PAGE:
how to type x bar in leopard

Discussion in 'macOS' started by eoinmcd, Mar 5, 2008.

  1. eoinmcd macrumors newbie

    Jan 23, 2007
    hi all

    can anyone advise me how to type the x-bar symbol for mean in os x? I'm new to mac and need to type this symbol for some assignment papers.

  2. TEG macrumors 604


    Jan 21, 2002
    Langley, Washington
  3. Cromulent macrumors 603


    Oct 2, 2006
    The Land of Hope and Glory
    If you need to type technical documents you would be better off using LaTeX to do so.
  4. mackindergarten macrumors 6502

    Feb 21, 2008

    For everything on all kinds of special characters and symbols, you might want to take a look at this post over at Mac Kindergarten (especially the part about the Character Palette).

    Hope this is helpful.

  5. richard.mac macrumors 603


    Feb 2, 2007
    51.50024, -0.12662
    if you have Office for Mac you can use the equation editor in word.
  6. kostia macrumors regular

    Apr 14, 2007
    I know that a bar over your variable isn't something this applies to, but if you solve that problem and need other math symbols, try using the character palette.

    Go to System Preferences and the International pane. Under the Input Menu section, put a check on Character Palette and a check on Show input menu in menu bar. You should also scroll down and put a check on your main keyboard layout (which is probably U.S.).

    This will put a little flag in your menu bar; when you click on it, you can select Show Character Palette.

    When that comes up, change View to All Characters. Find the Symbols section on the left, then Mathematical Symbols under that. This will list ALL the math symbols Unicode knows about. The window will show you all the fonts you have that have that symbol in them. Double-clicking on one will insert it wherever you're typing.
  7. smithsm macrumors newbie

    Mar 13, 2009
    How to type x bar

    Get a copy of Ergonis' PopChar X ( This is a super piece of software that gives you quick access to all the characters in all your fonts.

    If you install that and then open it pointing to, say, Times Roman, you'll see that one of the categories is "Combining Diacritical Marks"; these are characters that, if typed following a character, are combined with that character.

    One of the combining diacritical marks is "Combining Overline"; it will put the overline over the preceding character.
  8. miles01110 macrumors Core


    Jul 24, 2006
    The Ivory Tower (I'm not coming down)
    Here's another vote for LaTeX, it has all the symbols you'll ever need and is very robust.
  9. observer macrumors member

    Jan 26, 2007
    NeoOffice and OpenOffice have an equation editor like Word's, and they are free. As is Latex, but the interface is point-and-click. It looks like you can't generate the symbols and then copy them out to TextEdit, though.
  10. gherrick macrumors newbie

    Aug 28, 2011
    In the Character Palette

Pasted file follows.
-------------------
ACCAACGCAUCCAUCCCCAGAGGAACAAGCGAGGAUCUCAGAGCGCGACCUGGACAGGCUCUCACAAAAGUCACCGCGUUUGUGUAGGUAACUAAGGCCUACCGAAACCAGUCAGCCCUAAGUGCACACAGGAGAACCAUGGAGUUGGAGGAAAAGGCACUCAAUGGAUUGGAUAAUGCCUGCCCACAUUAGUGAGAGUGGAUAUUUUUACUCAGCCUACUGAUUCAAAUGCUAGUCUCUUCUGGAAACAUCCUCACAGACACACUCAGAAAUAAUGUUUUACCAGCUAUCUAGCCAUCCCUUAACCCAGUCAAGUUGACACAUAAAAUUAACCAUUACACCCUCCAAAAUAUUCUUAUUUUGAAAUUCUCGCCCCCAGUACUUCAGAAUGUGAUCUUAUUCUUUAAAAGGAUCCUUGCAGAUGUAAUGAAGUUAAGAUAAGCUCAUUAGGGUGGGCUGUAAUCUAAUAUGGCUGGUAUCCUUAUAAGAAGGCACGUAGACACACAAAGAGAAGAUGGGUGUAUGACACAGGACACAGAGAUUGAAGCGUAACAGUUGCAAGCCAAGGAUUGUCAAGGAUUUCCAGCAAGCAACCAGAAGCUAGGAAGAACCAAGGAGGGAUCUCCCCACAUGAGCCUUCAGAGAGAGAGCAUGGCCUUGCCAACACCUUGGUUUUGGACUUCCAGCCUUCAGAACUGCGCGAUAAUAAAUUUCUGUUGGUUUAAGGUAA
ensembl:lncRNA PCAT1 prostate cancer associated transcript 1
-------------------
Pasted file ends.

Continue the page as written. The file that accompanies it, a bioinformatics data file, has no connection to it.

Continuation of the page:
> By Category > European Scripts > Diacritics
    find and selected "combining overline" [the "bar"]
    in your application type the letter you want the bar above
    then click insert: x̅
    My initial kludge was to search for "x bar" in google, and find a hit where the character appears, copy it to the clipboard, and it is yours.
  11. spudman macrumors newbie

    Jan 21, 2015
    Yosemite Options

    Things are a little different in Yosemite.
    You can set the xbar symbol as auto-replace text in aware apps (such as Safari, Notes, TextEdit - but NOT Microsoft Office: see below).

    To get the xbar symbol you can create a Unicode diacritical compound character (which overlays one character on top of another). The one you want is "overline" or "macron", which are Unicode Hex option0305 or option0304. To use Unicode Hex you need to have/add the Hex keyboard (System Prefs > Keyboard > Input Sources > add "Others" > Unicode Hex Input). This places a flag on the keyboard (e.g. US flag if your default keyboard is U.S.) and adds a Keyboard menu with the Hex keyboard as an alternative option (with symbol U+).
    With the Hex keyboard selected, in a word processor, type the letter "x", and then holding the Option key, type 0305 (or option0304). If your word processor is capable of showing Unicode diacritical characters, you should now see the xbar symbol x̅.

    Now for the clever bit: copy the compound character, and in Keyboard Preferences (now showing in the Keyboard menu) choose the Text panel, and add in the Replace column the letters "xbar". In the With column, paste your compound xbar character. Any time you type the letters "xbar" followed by a space or a pause (in a compliant App), MacOS will suggest the new character. You can reverse the substitution by clicking the cancel box, Escape, or Undo.

    As Microsoft Office is not compliant, there is a second method for Word etc. In Word, choose Tools > AutoCorrect. There are two options here: in the AutoCorrect panel, you can type "xbar" in the Replace box, and paste the compound character in the With box. Alternatively use the Math AutoCorrect panel, and use "\xbar" in the Replace box to constrain its use just to "math regions" (Equation boxes). You could also check "Use Math AutoCorrect rules outside math regions" to use any of the preset commands within Word, but this substitutes many characters - so use cautiously. The substitution kicks in after a space, and can be undone with Undo.
  12. XJCoupe macrumors newbie

    Aug 7, 2011

    It's reasonably easy to do this in Mavericks with the Character Viewer:

    - Press Ctrl+Command+Space to open the Viewer (or open using other means in above link)
    - Type "combining overline" (search bar is revealed when you start typing)
    - Click on the symbol to insert it (modifies preceding character)


    Subsequently, it'll be in your Recents list:


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12 March 5, 2008